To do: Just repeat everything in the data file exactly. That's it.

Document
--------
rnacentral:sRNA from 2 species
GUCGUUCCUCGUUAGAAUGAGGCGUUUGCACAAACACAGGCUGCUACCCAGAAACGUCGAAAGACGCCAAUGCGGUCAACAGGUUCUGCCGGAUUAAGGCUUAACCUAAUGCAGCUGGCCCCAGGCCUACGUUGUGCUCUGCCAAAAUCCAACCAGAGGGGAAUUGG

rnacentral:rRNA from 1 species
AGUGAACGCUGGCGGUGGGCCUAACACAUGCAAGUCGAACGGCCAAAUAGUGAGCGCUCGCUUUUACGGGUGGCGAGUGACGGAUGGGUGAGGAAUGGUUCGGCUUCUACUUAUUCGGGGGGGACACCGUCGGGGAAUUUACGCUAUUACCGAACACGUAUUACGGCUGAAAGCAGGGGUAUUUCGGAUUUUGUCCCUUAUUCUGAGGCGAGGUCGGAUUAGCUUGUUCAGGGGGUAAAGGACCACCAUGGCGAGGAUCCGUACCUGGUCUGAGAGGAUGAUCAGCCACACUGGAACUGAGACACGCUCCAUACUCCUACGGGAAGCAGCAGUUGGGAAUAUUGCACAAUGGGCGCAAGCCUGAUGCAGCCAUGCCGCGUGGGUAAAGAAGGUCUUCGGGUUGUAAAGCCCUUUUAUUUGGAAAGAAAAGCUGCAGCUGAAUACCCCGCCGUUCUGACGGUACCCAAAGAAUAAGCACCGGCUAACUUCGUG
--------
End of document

rnacentral:sRNA from 2 species
GUCGUUCCUCGUUAGAAUGAGGCGUUUGCACAAACACAGGCUGCUACCCAGAAACGUCGAAAGACGCCAAUGCGGUCAACAGGUUCUGCCGGAUUAAGGCUUAACCUAAUGCAGCUGGCCCCAGGCCUACGUUGUGCUCUGCCAAAAUCCAACCAGAGGGGAAUUGG

rnacentral:rRNA from 1 species
AGUGAACGCUGGCGGUGGGCCUAACACAUGCAAGUCGAACGGCCAAAUAGUGAGCGCUCGCUUUUACGGGUGGCGAGUGACGGAUGGGUGAGGAAUGGUUCGGCUUCUACUUAUUCGGGGGGGACACCGUCGGGGAAUUUACGCUAUUACCGAACACGUAUUACGGCUGAAAGCAGGGGUAUUUCGGAUUUUGUCCCUUAUUCUGAGGCGAGGUCGGAUUAGCUUGUUCAGGGGGUAAAGGACCACCAUGGCGAGGAUCCGUACCUGGUCUGAGAGGAUGAUCAGCCACACUGGAACUGAGACACGCUCCAUACUCCUACGGGAAGCAGCAGUUGGGAAUAUUGCACAAUGGGCGCAAGCCUGAUGCAGCCAUGCCGCGUGGGUAAAGAAGGUCUUCGGGUUGUAAAGCCCUUUUAUUUGGAAAGAAAAGCUGCAGCUGAAUACCCCGCCGUUCUGACGGUACCCAAAGAAUAAGCACCGGCUAACUUCGUG